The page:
'Valley Girl'
'Valley Girl'

Earlier this month, the hashtag #WomenCallAction flew around the Twittersphere. This live chat hosted by The Women's International Perspective included participation by director and activist Rachel Feldman and Women and Hollywood's Melissa Silverstein. The participants called for action by the studios, the unions, and by women themselves, urging everyone to seek out stories told by women. Silverstein put the conversation into perspective by stating, “Women's stories aren't valued and women's history gets erased.” 

This shared sentiment drives the mission behind Seeking Our Story. I started this LA-based screening series to watch movies directed by women that I had not seen before. Through sharing these movies, we build a community of filmmaker friends while keeping alive the history of women who paved the way.

Martha Coolidge is one such groundbreaker. Growing up in New Haven, Connecticut, Coolidge had just her siblings and her mother. During a 2001 interview, the director recalled making movies with her father before he passed:

“When I was very young, my father had a hobby of making 8mm movies and using us kids as the actors. He edited them with a little set of rewinds at home. After he died when I was nine and the oldest of the three siblings, I became the ‘director.’”

As a student, Coolidge became the first graduate at the Rhode Island School of Design to receive a Bachelor of Fine Arts in filmmaking. She went on to gain a Masters in Fine Arts from NYU. After creating a number of documentaries in New York in the early 1970s, Coolidge directed a semi-autobiographical film titled Not a Pretty Picture (1976) that blended narrative and documentary styles to dissect an incident of date rape. After the film’s completion, Coolidge moved west to Los Angeles, where she worked at Francis Ford Coppola’s Zoetrope Studio.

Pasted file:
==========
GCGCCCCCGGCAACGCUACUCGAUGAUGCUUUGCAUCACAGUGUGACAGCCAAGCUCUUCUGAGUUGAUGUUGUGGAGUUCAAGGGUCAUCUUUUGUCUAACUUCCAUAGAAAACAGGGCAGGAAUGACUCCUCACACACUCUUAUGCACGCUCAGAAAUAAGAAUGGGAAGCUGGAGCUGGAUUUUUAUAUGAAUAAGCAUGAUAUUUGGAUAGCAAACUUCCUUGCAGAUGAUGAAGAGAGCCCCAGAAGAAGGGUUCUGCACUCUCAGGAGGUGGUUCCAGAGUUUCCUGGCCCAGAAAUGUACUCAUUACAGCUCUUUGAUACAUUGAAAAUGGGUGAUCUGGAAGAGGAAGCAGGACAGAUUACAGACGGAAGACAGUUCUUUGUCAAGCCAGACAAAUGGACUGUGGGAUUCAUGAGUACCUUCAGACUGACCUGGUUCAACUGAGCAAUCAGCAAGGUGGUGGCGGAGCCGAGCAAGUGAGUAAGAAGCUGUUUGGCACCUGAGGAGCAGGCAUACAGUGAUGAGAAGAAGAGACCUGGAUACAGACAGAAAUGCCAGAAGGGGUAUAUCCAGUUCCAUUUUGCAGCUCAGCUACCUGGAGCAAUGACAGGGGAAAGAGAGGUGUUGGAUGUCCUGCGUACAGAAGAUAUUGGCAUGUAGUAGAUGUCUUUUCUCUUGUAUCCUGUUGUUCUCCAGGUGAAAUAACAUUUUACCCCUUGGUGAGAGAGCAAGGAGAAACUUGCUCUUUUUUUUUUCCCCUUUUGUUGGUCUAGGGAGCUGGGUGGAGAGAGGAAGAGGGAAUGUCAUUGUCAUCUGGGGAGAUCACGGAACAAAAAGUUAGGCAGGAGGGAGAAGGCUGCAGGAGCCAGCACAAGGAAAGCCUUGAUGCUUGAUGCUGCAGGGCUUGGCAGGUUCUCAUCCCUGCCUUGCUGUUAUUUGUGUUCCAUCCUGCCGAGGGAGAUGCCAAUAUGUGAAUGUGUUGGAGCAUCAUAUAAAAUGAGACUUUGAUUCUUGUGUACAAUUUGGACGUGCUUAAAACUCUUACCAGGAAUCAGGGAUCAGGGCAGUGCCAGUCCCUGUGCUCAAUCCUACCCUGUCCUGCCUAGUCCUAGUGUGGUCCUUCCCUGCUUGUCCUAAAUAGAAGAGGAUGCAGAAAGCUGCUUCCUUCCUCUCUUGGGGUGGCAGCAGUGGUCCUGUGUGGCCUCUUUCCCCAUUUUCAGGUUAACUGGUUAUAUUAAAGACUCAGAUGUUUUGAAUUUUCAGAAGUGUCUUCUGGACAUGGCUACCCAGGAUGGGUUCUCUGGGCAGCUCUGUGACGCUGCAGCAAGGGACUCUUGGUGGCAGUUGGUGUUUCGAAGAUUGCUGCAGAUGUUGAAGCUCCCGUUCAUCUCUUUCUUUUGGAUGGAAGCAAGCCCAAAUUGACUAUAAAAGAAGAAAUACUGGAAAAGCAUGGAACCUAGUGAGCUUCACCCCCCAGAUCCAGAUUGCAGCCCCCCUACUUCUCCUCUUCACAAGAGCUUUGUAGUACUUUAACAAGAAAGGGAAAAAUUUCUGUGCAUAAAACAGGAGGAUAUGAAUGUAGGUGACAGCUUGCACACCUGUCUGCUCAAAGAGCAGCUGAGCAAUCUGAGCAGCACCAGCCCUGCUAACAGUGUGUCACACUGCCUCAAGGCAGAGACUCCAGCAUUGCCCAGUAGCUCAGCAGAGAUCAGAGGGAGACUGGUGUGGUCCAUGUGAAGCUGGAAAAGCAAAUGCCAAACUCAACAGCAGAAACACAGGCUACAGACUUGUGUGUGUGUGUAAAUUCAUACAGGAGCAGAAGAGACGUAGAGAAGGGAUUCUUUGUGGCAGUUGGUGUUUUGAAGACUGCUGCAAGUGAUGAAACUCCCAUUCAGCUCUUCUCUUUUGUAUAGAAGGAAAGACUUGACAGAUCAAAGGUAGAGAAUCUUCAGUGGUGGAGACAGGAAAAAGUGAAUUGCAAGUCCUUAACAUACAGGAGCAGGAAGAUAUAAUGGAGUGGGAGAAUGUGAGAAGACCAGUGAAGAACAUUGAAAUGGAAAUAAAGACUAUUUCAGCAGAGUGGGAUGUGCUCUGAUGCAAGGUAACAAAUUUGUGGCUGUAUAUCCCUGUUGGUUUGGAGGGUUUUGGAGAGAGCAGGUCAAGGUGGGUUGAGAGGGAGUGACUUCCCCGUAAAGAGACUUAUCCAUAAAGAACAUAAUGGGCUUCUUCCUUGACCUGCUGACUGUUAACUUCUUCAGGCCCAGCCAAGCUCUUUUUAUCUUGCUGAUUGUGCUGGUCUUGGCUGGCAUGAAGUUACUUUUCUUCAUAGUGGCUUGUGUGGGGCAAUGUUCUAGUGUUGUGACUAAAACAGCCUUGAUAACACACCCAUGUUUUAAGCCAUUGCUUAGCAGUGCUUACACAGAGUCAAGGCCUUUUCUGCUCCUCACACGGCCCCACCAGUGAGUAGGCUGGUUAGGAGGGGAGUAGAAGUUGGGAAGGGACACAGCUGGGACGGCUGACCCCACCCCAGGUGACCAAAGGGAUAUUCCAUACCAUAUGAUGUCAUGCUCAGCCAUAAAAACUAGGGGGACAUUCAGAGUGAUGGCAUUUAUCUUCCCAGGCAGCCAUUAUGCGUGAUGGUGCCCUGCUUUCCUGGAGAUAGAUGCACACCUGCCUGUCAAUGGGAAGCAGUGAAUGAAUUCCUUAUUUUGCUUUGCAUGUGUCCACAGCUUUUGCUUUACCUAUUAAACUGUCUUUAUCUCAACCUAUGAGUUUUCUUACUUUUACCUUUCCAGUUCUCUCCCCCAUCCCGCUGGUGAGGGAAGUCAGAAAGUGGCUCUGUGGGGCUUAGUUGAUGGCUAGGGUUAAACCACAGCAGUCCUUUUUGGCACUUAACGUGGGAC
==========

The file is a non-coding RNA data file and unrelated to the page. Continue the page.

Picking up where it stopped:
Coolidge directed another feature, worked in TV, and directed more documentaries. Finally, she caught a break with Valley Girl (1983). The film not only changed her life, but introduced Nicolas Cage in his first leading role. Though Coolidge was paid only a small stipend for her work, the film’s success launched her towards a series of pictures. After directing two more features, City Girl (1984) and Joy of Sex (1984), Coolidge gave Val Kilmer his start with Real Genius (1985).

Her subsequent films include Plain Clothes (1987), Rambling Rose (1991) for which Coolidge won an Independent Spirit Award, Lost in Yonkers (1993), Angie (1994) with Geena Davis opposite James Gandolfini in his first major role, Three Wishes (1995), Out to Sea (1997) with Jack Lemmon and Walter Matthau, and The Prince and Me (2004). In addition to many made-for-TV movies, Coolidge directed episodes for TV shows like The Twilight Zone, Sex and the City, Weeds, Psych, CSI, and The Glades, among others. She has been nominated for multiple Emmy awards in directing and won the DGA Award for Best Director.

Of her career, Coolidge said, “All my films have been about people facing personal challenges in their lives and overcoming them. But as a director I like to stretch. I certainly enjoy the action and the hardware as much as the next guy, but my films center on strong characters. My greatest joy has come from working with so many talented actors.”

Coolidge served as the first woman president of the Directors Guild of America starting in 2002. The DGA credits Coolidge with remaining “committed to promoting diversity and encouraging studios and networks to hire minority and female directors.”

Regarding her career in directing, Coolidge told Women and Hollywood, “It's a job very well suited to women. Half the traits of any good director are female traits and half are male. Nurturing, listening, creative thinking, and all the people skills are very female. Leading, making tough decisions under pressure, long hours doing very physically and mentally demanding work, managing equipment, large numbers of people and machines is very male. But all good directors have these.”

Join us Friday, August 29th as Seeking Our Story presents Martha Coolidge’s breakout hit Valley Girl. The film screens as part of MiMoDa Studio’s Friday Night Film Club and is sponsored by @TheDirectorList

Doors open at 7:30 PM, and the film starts at 8 PM. This is a community screening with donations accepted at the door. Please RSVP.

Samantha Shada is a Los Angeles based story teller and artistic entrepreneur. She produces the Seeking Our Story series, screening an alternative approach to film history by highlighting the works of women directors.